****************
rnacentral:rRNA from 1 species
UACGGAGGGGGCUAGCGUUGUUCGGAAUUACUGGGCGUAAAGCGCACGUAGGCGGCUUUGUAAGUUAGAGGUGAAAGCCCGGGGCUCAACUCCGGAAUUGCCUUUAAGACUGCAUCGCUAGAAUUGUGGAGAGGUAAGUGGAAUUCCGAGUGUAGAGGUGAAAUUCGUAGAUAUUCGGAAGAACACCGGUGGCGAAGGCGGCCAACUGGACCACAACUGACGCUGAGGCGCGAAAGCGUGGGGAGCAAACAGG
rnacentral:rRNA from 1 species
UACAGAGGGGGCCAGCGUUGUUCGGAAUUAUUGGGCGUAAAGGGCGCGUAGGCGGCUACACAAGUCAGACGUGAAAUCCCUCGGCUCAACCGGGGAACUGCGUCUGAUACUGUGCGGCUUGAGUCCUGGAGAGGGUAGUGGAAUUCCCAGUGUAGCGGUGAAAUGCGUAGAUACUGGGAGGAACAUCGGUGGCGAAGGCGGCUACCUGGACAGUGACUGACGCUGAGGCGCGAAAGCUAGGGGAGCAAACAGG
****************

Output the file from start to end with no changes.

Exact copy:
rnacentral:rRNA from 1 species
UACGGAGGGGGCUAGCGUUGUUCGGAAUUACUGGGCGUAAAGCGCACGUAGGCGGCUUUGUAAGUUAGAGGUGAAAGCCCGGGGCUCAACUCCGGAAUUGCCUUUAAGACUGCAUCGCUAGAAUUGUGGAGAGGUAAGUGGAAUUCCGAGUGUAGAGGUGAAAUUCGUAGAUAUUCGGAAGAACACCGGUGGCGAAGGCGGCCAACUGGACCACAACUGACGCUGAGGCGCGAAAGCGUGGGGAGCAAACAGG
rnacentral:rRNA from 1 species
UACAGAGGGGGCCAGCGUUGUUCGGAAUUAUUGGGCGUAAAGGGCGCGUAGGCGGCUACACAAGUCAGACGUGAAAUCCCUCGGCUCAACCGGGGAACUGCGUCUGAUACUGUGCGGCUUGAGUCCUGGAGAGGGUAGUGGAAUUCCCAGUGUAGCGGUGAAAUGCGUAGAUACUGGGAGGAACAUCGGUGGCGAAGGCGGCUACCUGGACAGUGACUGACGCUGAGGCGCGAAAGCUAGGGGAGCAAACAGG